Ifeoluwa T. Obayan is part of Harvard’s Class of 2019, and this February the young undergrad wrote a passionate defense of her Christian faith in the school’s renowned student newspaper, The Harvard Crimson. Her opinion piece, “Reconciling Christianity with College Life,” comes at a time of increased hostility towards the Christian faith, particularly on some liberal college campuses.
On the same day Obayan’s article was published, Catholic World Report highlighted a new study that quantified this societal shift.
The study from the Barna Group found that “Nearly half of non-religious adults perceive Christianity to be extremist. The perception that the Christian faith is extreme is now firmly entrenched among the nation’s non-Christians. A full forty-five percent of atheists, agnostics, and religiously unaffiliated in America agree with the statement ‘Christianity is extremist.’ Almost as troubling is the fact that only 14 percent of atheists and agnostics strongly disagree that Christianity is extremist.”
No doubt, the times are changing.
Christian young people in particular face new forms of temptation and instant digital gratification, especially during their college years, when a certain amount of experimentation with drugs, drinking, and sex is considered normal. At the same time, digital technologies are changing the way Christians interact with and represent themselves to the world.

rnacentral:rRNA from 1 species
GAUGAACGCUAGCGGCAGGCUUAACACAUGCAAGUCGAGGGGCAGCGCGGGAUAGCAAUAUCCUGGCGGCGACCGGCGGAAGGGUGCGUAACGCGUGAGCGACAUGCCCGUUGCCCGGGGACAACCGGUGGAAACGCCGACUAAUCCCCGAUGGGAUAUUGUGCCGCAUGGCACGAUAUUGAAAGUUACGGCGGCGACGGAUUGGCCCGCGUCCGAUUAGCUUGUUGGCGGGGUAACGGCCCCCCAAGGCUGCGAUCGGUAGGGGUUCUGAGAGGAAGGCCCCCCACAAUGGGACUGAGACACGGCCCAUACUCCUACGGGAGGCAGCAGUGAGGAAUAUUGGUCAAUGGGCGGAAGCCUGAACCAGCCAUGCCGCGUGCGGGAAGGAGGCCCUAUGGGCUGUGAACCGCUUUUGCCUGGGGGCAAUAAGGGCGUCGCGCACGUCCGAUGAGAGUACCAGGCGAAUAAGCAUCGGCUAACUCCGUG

For good reason, many people call young Millennials the “Now” generation. Not only do the vast majority of young people spend hours every day using social media and smartphones, but 40% of young people won’t even wait more than three seconds for a web page to load. New campaigns to raise awareness of Christian martyrs abroad play out on social media as well, and when the Pope accused Republican presidential frontrunner Donald Trump of not being a real Christian, that news spread quickly through social networks. Almost instantly, the pope was trending on Twitter.
So it’s refreshing to see a young person like Obayan defend her faith to her peers. In her article, she talks about how hard it is to explain why she abstains from drinking and smoking without seeming judgmental.
“Friends wanted to know why I wasn’t drinking, smoking, or participating in this or that. Saying I was a Christian wasn’t a good enough answer. After all, some of them were Christians and others thought it was a bad excuse. This was particularly jarring for me because Christianity was the label I slapped on for the benefit of others and myself as my reason for everything. But now, I had to really think about my own personal reasons for my actions and behavior. Why was this moral compass so important to me?”
She added, “The mistake some young people make is thinking that finding yourself in college has to mean letting go of faith because it is a form of brainwash, where you are restricted by a set of seemingly arbitrary rules that don’t allow you to really live your life. This doesn’t have to be the case. Finding yourself can just as easily be in the context of your faith.”
Read Obayan’s full article here.